At least three patients died last year at Huntington Hospital in Pasadena in an outbreak suspected to have been caused by tainted medical scopes, according to a newly discovered regulatory report.
Huntington hospital officials had confirmed in August that three patients were sickened the previous month but declined to say more about their condition. They later told Olympus Corp., the scope’s manufacturer, of the deaths, according to the company’s report to federal regulators.
Hospital officials said this week that they believed patient privacy laws prevented them from telling the public that the unnamed patients had died.
In an earlier similar outbreak at UCLA Ronald Reagan Medical Center, officials confirmed that patients had died.
“What were those three families told?” asked Lawrence Muscarella, a medical safety expert who discovered the Pasadena outbreak in a report in a Food and Drug Administration database. “The new norm for hospitals appears to be silence.”
The FDA removes the names of hospitals from those injury reports, but Olympus said in the filing that it had contacted the hospital after a news report on Aug. 19 – the same day the Los Angeles Times published a story reporting that patients had been sickened after scope procedures at Huntington. The hospital then told the company that the patients had died.
Muscarella said that hospitals have an ethical obligation to tell the public when patients die in an outbreak.
It is still not clear how many patients may have been infected during the outbreak at Huntington or if only three died. The hospital will not say how many patients may have been exposed to the dangerous bacteria.
The new report also shows that the reusable scope suspected of causing the outbreak had a different design from the one Olympus recalled in January. That means that far more patients across the country could have been exposed to dangerous bacteria through the hard-to-clean devices known as duodenoscopes.
Over the last two years, as the string of deadly outbreaks have continued, authorities have focused most of their attention on the device that has now been recalled.
The duodenoscope is a long snake-like tube with a tiny camera on the tip that is inserted into a patient’s throat and upper gastrointestinal tract. It is used to treat cancer, gallstones and other problems in the bile or pancreatic ducts.
Last month, Rep. Ted Lieu (D-Torrance) released FDA data showing that as many as 350 patients at 41 medical facilities around the world had been infected or exposed to tainted duodenoscopes from January 2010 to the end of October 2015.
Peter Kaufman, a Los Angeles lawyer, filed lawsuits on behalf of three patients treated with the scopes at Huntington. Two of those patient died, he said, including 69-year-old Azniv Tavidaghian of Pasadena.
It is not clear if those patients are among the three in Olympus’ report.
Tavidaghian, who was suffering from cancer, had been treated twice with an Olympus scope before she died Aug. 11.
Kaufman said that doctors had told the Tavidaghian family that they were trying to determine why Azniv had died and couldn’t provide more information until the investigation was over.
“They’ve told the families basically nothing,” Kaufman said of the hospital.
Huntington officials alerted government health officials, including state regulators and the city of Pasadena’s Public Health Department, soon after the patients were sickened.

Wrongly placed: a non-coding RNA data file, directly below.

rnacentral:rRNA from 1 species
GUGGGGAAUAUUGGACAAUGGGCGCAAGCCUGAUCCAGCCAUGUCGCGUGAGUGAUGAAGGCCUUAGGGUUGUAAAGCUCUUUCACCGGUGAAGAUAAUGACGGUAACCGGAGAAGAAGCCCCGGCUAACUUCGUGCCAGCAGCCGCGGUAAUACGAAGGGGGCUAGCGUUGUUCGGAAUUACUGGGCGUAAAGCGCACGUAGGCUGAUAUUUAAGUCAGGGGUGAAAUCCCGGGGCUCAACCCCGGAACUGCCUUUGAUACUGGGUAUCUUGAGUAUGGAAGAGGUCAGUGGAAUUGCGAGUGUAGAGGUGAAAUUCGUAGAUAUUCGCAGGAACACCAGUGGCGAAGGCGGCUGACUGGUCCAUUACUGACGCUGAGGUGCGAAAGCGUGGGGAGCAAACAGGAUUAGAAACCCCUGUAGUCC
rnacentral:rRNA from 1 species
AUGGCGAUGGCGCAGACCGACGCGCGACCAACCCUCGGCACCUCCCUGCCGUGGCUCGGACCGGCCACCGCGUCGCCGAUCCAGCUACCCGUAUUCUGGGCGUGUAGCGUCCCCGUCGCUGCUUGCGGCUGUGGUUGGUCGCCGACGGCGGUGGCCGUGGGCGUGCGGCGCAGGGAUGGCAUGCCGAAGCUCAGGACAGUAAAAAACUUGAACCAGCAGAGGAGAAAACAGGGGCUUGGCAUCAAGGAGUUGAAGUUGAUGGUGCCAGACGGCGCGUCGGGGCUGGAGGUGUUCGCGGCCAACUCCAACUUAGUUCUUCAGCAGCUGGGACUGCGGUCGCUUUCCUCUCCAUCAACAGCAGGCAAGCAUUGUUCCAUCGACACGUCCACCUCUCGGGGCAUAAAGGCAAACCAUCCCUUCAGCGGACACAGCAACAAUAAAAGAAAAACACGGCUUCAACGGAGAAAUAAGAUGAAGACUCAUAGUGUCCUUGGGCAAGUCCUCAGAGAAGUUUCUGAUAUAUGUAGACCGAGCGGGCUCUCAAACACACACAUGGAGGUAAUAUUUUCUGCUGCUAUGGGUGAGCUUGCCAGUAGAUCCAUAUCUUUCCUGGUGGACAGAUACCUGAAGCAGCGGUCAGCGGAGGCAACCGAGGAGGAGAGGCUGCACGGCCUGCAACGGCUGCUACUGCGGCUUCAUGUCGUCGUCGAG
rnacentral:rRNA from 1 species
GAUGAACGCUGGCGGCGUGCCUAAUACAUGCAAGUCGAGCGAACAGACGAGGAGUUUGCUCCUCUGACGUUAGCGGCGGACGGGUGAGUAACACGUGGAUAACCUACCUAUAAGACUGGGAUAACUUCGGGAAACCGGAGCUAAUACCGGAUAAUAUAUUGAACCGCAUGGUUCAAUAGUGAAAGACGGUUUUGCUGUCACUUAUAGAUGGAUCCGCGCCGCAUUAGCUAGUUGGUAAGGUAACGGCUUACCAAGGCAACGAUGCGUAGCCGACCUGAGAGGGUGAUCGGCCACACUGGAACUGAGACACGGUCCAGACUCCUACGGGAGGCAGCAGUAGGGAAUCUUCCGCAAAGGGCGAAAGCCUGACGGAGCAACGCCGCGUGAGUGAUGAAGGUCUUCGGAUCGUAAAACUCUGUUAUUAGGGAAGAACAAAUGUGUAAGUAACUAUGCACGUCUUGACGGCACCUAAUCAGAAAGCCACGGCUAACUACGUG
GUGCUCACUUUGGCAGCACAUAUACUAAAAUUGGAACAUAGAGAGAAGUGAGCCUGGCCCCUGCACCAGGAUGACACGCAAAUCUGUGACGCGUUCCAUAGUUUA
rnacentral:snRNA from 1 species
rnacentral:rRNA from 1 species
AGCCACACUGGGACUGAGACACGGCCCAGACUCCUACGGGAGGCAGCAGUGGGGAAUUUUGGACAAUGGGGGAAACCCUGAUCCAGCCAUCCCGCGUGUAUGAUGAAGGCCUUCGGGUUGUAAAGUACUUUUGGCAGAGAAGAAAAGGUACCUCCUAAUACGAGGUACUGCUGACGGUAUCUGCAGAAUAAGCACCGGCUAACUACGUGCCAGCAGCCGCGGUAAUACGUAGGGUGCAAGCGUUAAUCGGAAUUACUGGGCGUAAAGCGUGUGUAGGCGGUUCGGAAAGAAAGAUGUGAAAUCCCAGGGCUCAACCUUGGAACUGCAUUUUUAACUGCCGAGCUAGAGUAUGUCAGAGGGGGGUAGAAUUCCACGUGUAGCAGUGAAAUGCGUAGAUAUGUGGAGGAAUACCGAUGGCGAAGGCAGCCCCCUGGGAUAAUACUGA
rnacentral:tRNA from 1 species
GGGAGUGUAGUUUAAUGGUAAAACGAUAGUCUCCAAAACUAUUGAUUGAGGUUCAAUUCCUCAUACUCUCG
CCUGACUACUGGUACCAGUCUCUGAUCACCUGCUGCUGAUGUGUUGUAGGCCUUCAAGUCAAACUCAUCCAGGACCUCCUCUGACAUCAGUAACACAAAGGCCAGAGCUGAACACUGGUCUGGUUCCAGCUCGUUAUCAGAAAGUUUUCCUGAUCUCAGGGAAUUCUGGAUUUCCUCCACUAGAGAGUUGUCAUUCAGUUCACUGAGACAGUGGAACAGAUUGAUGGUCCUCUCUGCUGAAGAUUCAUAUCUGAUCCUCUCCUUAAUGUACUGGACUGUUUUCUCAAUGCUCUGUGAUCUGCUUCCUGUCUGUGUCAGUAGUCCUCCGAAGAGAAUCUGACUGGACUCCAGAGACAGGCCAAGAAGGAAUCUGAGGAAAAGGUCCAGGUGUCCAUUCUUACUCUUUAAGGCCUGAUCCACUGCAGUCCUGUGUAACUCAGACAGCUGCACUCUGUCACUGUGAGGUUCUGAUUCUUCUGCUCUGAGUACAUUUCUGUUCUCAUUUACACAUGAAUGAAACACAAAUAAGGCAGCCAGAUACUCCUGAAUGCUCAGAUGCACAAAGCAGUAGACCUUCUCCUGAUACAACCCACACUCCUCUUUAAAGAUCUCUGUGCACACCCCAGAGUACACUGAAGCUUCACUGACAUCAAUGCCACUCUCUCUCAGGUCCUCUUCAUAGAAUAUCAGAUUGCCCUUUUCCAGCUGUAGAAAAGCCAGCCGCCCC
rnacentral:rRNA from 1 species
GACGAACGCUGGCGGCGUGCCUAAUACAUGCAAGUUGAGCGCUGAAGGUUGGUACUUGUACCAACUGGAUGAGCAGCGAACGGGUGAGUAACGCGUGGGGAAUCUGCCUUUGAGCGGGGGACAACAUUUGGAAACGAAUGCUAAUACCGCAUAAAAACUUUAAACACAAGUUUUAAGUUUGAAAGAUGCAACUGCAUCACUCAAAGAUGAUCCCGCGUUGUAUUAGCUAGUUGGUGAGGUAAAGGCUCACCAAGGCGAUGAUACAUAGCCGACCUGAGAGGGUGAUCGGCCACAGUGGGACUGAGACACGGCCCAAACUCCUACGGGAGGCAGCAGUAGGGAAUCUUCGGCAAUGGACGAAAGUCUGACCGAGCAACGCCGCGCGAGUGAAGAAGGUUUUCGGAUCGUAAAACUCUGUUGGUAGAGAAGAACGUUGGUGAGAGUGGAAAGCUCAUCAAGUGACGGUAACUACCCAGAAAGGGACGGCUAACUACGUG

An investigation into the suspected outbreak is still continuing, said William Boyer, a spokesman for the city.
“We alerted the affected patients about a potential link,” said Dr. Paula Verrette, Huntington’s chief medical officer, “and have continued to be in contract with patients and families, as well as health officials.”
“In compliance with … privacy statutes,” Verrette said, “we feel it would be inappropriate to discuss patient health status or any patient’s passing publicly.”
Both Huntington and Olympus said they don’t comment on pending litigation.
Olympus’ report to the FDA said that the three patients had been diagnosed with septicemia – a serious bloodstream infection – after undergoing treatment with a duodenoscope in mid-July 2015.
All three patients tested positive for a similar drug-resistant bacteria called pseudomonas. The hospital told Olympus that health authorities would determine the patients’ cause of death.
In January, Olympus recalled one of its duodenoscopes – model TJF-Q180V – after independent experts said its design, with a closed internal channel, made it almost impossible to clean before use in the next patient.
The Olympus device suspected of sickening the Huntington patients was an older duodenoscope called the TJF-160F, used since 2002.
Two months ago, Olympus issued new instructions for cleaning the TJF-160F, which included extra steps for safety. The company took that action after the FDA said tests that Olympus performed didn’t prove the devices could be cleaned properly.
Huntington hospital officials said they had followed the older cleaning guidelines that were in place when the infections occurred last summer.
Previous outbreaks included the one at UCLA, where three patients died and four more were sickened, as well as another at Cedars Sinai Medical Center, where four patients were infected. Both of those hospitals notified dozens more patients that they may have been exposed to scopes tainted with a lethal superbug.
Mark Miller, a spokesman for Olympus, said the company “understands and shares the public’s concern regarding reports of infections.”
“We remain committed to understanding the potential root causes,” Miller said, “and are partnering with authorities and other stakeholders to address the causes to continually enhance safeguards.”
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